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Hello Everyone...I just joined the board today and I'm happy to be here. I've just moved to the Lancaster, PA area and am finally in a less crowded area where it seems like a good place to own a bike. I've never ridden or owned a bike, but am looking for something fun, unique, comfortable and reliable. I've been doing a lot of reading and have stopped into a few different shops to look at some bikes (Ducati, Harley, BMW, and Triumph). Everything is pointing me towards the Monster 696 since it seems to be an easy ride, nice ergos and lightweight. Oh yeah...I think it's gorgeous.

So, my questions:
- Would you agree that this is a great bike for a beginner?
- How is reliability on the newer Duc's and what are your thoughts on longevity? I'm impressed by the 7500 miles between service aspect, btw.
- My commute is about 30 miles each way and about 90% is highway. Is this a reasonably comfortable bike (I'm about 5'10" and not a heavy guy)?

Thanks in advance for all your feedback!
 

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i'm 6' myself but alot wider.. I found the 696 too small for me visually.. and I felt like the handle bars were in my lap... ppl told me I dwarfed the bike..

but as for riding it.. it's a piece of cake.. i found it very light and nimble and forgiving and easy to toss around..

reliablility wise shouldn't be problem...

but most owners change their oil much more frequently thant the 7,500miles
 

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yep, the 696 is an awsome 1st bike even for more experienced riders. i love to ride them, there fun, defiantely enough power to get around and absolutely awsome in the canyons, a little suspension tweaks and your golden to handle almost anything.
 

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696 was my "1st Bike"

I had plenty of time to research bike before finally settling on the 696. Like you, it was my first bike (first bike in over 20 years) and I was a bit nervous about it. I have come to love it, and found my previous year of motorcycle riding experience (and couple of summers of moto-X fun in my cousin's back 40) came in handy; skills I forgot I possessed came flooding back. Just as important -or even more so- my 25 years of competitive cycling have made my riding safer and more confident. Having said that, I think the 696 is a fine first bike for someone who will maintain a healthy respect for the power and weight of this particular motorcycle. Take the first year or more and learn to become a skilled rider. I took the intermediate riding skills/safety course before buying the bike and also bought great book on riding techniques. Additionally, I spared no expense in getting proper riding gear. Riding is inherently dangerous and risky, even if you're careful and conservative, you will likely go down at some point in the first year. Frame sliders and protective gear will minimize the damage.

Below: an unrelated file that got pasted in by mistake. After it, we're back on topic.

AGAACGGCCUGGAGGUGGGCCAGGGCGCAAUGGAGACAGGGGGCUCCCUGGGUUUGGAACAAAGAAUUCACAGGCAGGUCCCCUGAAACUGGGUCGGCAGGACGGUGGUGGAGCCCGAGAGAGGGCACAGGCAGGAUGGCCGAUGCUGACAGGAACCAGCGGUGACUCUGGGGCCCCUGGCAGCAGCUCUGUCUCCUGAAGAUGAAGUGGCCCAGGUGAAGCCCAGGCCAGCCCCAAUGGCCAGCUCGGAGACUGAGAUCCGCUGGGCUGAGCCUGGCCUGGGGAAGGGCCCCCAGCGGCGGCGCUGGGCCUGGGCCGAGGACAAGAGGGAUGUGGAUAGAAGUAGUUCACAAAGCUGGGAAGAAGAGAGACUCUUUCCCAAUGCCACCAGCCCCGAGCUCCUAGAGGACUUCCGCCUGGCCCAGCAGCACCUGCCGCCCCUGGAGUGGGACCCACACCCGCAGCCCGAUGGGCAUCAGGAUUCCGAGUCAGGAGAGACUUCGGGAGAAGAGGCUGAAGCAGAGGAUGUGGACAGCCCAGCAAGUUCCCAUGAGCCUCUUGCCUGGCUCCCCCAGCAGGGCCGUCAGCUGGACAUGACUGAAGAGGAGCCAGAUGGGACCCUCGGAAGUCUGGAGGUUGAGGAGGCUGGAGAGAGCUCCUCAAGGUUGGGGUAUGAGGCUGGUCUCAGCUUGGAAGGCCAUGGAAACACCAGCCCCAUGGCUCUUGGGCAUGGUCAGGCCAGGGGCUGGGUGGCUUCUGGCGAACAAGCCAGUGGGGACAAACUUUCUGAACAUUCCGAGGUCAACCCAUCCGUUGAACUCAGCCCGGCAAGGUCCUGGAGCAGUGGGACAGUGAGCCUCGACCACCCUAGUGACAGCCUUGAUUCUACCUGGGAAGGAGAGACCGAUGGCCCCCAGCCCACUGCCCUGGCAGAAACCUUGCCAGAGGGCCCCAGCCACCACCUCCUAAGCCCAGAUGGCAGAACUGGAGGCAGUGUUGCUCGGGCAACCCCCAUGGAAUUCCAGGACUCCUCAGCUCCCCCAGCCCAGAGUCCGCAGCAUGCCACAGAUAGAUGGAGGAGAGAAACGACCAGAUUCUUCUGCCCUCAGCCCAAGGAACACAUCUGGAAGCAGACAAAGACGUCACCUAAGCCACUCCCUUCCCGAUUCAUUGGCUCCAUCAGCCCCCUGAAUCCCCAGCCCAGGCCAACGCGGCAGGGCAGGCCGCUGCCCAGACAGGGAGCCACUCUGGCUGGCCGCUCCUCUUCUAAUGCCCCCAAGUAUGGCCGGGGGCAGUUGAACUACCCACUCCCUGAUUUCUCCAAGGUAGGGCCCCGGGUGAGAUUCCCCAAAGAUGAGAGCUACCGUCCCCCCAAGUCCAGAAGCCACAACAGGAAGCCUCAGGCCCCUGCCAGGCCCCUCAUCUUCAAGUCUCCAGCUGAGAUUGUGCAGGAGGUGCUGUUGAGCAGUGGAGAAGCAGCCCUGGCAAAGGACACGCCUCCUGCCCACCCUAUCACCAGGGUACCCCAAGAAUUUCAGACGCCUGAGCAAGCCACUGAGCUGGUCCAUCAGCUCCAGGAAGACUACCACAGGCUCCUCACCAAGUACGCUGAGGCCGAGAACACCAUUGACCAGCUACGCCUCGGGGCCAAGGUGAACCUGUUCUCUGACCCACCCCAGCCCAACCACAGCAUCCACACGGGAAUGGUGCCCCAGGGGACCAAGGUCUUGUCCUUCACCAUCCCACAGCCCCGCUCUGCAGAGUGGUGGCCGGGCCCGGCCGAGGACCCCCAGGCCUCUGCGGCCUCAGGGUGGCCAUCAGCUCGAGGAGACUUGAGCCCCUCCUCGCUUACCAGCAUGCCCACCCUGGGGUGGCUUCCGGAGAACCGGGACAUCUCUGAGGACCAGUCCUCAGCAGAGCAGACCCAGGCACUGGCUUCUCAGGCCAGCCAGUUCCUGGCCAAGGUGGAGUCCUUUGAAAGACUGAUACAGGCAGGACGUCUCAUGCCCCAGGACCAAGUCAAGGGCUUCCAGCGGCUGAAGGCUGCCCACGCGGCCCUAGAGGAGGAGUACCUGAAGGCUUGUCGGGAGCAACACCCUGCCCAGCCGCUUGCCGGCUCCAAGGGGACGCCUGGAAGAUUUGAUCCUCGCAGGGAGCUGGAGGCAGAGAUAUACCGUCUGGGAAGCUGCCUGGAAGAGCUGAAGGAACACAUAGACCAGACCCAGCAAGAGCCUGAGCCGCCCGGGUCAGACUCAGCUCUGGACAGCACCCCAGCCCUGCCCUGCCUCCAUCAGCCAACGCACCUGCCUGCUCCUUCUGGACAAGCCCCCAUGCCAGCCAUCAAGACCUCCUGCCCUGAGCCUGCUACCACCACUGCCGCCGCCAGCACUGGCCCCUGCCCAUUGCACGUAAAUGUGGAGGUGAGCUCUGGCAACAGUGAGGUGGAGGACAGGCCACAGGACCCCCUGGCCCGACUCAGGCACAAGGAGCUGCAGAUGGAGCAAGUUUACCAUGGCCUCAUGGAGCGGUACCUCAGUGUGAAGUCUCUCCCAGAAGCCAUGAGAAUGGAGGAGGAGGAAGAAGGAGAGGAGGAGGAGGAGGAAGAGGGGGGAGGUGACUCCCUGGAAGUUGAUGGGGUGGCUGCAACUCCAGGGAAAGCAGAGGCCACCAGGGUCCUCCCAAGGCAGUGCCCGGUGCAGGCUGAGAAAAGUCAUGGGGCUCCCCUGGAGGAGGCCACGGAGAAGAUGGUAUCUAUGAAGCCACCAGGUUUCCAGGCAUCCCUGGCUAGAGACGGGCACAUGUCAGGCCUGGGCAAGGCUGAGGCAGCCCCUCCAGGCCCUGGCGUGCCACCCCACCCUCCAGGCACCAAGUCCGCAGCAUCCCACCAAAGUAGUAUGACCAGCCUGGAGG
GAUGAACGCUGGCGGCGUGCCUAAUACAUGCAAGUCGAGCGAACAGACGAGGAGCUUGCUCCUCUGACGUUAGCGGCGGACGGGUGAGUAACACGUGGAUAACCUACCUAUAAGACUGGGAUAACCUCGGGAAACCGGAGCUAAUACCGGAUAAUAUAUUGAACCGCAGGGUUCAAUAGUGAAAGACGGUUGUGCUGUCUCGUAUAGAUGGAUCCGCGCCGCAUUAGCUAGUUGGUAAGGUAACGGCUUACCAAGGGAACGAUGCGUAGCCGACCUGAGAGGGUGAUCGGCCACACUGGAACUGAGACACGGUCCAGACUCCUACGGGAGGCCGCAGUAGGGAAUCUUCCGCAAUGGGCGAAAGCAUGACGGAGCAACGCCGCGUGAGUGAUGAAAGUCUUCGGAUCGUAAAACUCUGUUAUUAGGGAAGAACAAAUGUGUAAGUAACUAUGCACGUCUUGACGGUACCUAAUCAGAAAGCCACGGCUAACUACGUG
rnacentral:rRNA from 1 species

On reliability: my Duc came with an oil leak... which was covered under warranty. I stressed over it a bit at first, but discovered it was only a very minor seeping and my shop fixed it right (quick & for free) after the summer. The new Monsters, from what I gather, will be more reliable and less finicky than those in the past. Still, I believe the equivalent Japanese (or BMW or KTM) may be more refined, smoother and ultimately more reliable. In my case, time will tell, but I'm already considering trading out for the above brands once the warranty runs out if it gives me any grief (at least 2 glorious years!)

One thing I have learned from my purchase is for what it is, the Ducati is somewhat more expensive than the competition. I consider the higher cost, payment for the high-style, something I'm perfectly fine with. Another is, I love the look of the naked bike and the riding position is good (we're about the same height/build), but "touring" is not the 696's strong suit. Still, I just bought the tailbag AND saddle bags and will see how it goes. Windscreens, ground clearance and more rugged looks will entice me towards bikes like the BMW 800GS or KTM Super Duke next time. The 696 is just too pretty to take out in inclement weather or on dirt roads. (Lack of practical fenders and not-so-weatherproof-looking wiring harnesses keep me wondering.)

All in all, I don't regret it - the bike is super fun and gets lots of complimentary looks (children and middle-aged men love it!). It handles extremely well, the front brakes are VERY powerful and have a good feel. The sounds it make are intoxicating - even stock. The torque off the line up to about 40mph is great fun; above that and it loses steam (something you won't notice for quite awhile.) As a freeway commuter, I might leave the 14t stock gear ON and just get used to the in-town response. Give it 3 months anyway... Judged on fun-factor alone, this bike is tops. It should have good resale when resold.

Feel free to email with any other questions! Good Luck and enjoy the process of choosing, it's part of the fun. And test ride as many bikes as you can before you decide!!!
 

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Not gonna tell you if you should or shouldn't buy it. My FIRST bike was/is my M620D.
Test rode a few bikes[naked] and none had the 'appeal' or the 'calling' the Ducati had. Is all about what moves you or which bike 'talks' to you.